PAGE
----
Spain reopens its consulate in Cuba after remaining temporarily closed due to COVID-19

The Spanish authorities have announced that its embassy located in the Cuban capital, Havana, has started to offer its services, which include, among others, the processing of Schengen and transit visas.

The Spanish Embassy in Havana has resumed work after remaining temporarily closed due to the rapid spread of the coronavirus and its new variants, reports SchengenVisaInfo.com.

On Thursday, the diplomatic headquarters posted on Twitter a link with all the requirements for the process, which resumed following the change in the conditions to enter Spain.

Through a statement, the consulate warned that despite the fact that appointments open every day, the only day reserved for such a procedure is Thursday.

Such an announcement sparked controversy after, according to many Cubans who were waiting for the renewal of the service, it was impossible to make an appointment.

In this regard, the diplomatic account noted the problem. “There is a strong demand. Remember that our capacity is limited.

The Spanish Embassy also stressed that visa applications that were put on hold before the restrictions imposed due to the coronavirus and its new strains will be resolved as soon as possible and will receive an email with the explanation, even if they can reach the offices of the consulate without an appointment.

Separately, the consulate noted that those who had received their visa and were not allowed to travel due to the situation caused by the virus would also be forced to start a new procedure with the corresponding appointment booking.

Such an announcement was also criticized by the candidates, as 14ymedio reports.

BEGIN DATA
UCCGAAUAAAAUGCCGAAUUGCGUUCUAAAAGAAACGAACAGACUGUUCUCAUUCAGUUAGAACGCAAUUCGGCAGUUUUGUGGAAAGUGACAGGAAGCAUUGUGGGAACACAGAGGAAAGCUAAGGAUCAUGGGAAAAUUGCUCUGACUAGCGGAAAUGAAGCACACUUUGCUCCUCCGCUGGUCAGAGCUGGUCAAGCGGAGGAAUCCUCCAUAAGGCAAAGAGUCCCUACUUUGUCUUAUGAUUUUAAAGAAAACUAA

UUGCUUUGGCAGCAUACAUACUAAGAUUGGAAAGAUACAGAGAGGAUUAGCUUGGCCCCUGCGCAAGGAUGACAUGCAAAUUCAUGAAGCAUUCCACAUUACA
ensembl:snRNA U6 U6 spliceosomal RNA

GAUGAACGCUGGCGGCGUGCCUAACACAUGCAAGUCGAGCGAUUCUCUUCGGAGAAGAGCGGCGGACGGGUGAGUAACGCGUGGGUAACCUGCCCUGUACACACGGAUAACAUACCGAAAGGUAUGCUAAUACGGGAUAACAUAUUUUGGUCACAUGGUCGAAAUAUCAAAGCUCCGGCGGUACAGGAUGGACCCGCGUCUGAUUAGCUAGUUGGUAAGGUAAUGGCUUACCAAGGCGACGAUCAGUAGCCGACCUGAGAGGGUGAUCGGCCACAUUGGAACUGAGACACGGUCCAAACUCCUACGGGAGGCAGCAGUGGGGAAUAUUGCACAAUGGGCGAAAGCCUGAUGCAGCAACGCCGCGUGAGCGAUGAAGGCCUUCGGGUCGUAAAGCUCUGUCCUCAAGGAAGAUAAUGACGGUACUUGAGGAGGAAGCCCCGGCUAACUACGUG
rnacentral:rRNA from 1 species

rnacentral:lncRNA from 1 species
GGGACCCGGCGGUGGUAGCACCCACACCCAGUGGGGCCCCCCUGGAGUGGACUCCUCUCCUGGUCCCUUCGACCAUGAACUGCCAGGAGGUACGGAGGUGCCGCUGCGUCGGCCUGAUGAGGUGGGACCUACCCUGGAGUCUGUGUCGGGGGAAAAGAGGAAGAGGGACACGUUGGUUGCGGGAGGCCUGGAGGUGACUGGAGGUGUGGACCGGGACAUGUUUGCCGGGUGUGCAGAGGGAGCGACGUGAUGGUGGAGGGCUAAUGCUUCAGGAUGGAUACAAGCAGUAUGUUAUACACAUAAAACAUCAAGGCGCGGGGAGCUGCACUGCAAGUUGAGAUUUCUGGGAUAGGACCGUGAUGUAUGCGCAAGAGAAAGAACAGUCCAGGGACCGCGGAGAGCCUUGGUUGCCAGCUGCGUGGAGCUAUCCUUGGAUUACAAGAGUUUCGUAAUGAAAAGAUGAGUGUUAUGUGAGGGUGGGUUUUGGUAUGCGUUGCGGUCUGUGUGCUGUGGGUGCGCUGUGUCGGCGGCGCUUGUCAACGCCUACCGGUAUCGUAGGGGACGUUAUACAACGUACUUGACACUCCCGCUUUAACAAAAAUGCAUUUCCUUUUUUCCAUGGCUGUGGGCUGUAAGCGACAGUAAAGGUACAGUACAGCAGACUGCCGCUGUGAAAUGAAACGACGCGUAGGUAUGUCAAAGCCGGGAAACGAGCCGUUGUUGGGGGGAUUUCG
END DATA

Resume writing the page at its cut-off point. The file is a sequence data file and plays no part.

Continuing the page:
Based on the Spanish consulate website, the visa fee is 1,130 pesos for all children between the ages of 6 and 12 and 2,255 pesos for other applicants.

Spanish authorities announced earlier this month that they had changed the requirements for all travelers wishing to enter the territory. They clarified that until May 21, they accepted vaccination certificates that showed travelers had completed their vaccination process with vaccines approved by the World Health Organization (WHO); however, now they allow entry to anyone who tests negative for COVID-19.

Until May 21, Cuban citizens who had received one of the two vaccines against the virus were not allowed to travel to Spain after the antidotes Soberana and Abdala were not recognized by the World Health Organization. health.

Like other European countries, Spain has started to reopen its consulates located in other countries after temporarily closing them due to the virus.

Last month, the Spanish authorities announced that they had decided to reopen their consulate in Algiers, the Algerian capital.

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